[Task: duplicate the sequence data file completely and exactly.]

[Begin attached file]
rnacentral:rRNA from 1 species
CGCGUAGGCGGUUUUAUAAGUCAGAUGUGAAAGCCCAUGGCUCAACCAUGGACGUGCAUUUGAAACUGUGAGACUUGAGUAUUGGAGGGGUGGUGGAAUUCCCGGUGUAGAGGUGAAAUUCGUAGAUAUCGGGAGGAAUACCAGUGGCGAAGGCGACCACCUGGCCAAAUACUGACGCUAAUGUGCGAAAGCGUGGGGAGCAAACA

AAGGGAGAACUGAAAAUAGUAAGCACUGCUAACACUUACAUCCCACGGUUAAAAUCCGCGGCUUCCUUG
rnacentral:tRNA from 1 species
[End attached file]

rnacentral:rRNA from 1 species
CGCGUAGGCGGUUUUAUAAGUCAGAUGUGAAAGCCCAUGGCUCAACCAUGGACGUGCAUUUGAAACUGUGAGACUUGAGUAUUGGAGGGGUGGUGGAAUUCCCGGUGUAGAGGUGAAAUUCGUAGAUAUCGGGAGGAAUACCAGUGGCGAAGGCGACCACCUGGCCAAAUACUGACGCUAAUGUGCGAAAGCGUGGGGAGCAAACA

AAGGGAGAACUGAAAAUAGUAAGCACUGCUAACACUUACAUCCCACGGUUAAAAUCCGCGGCUUCCUUG
rnacentral:tRNA from 1 species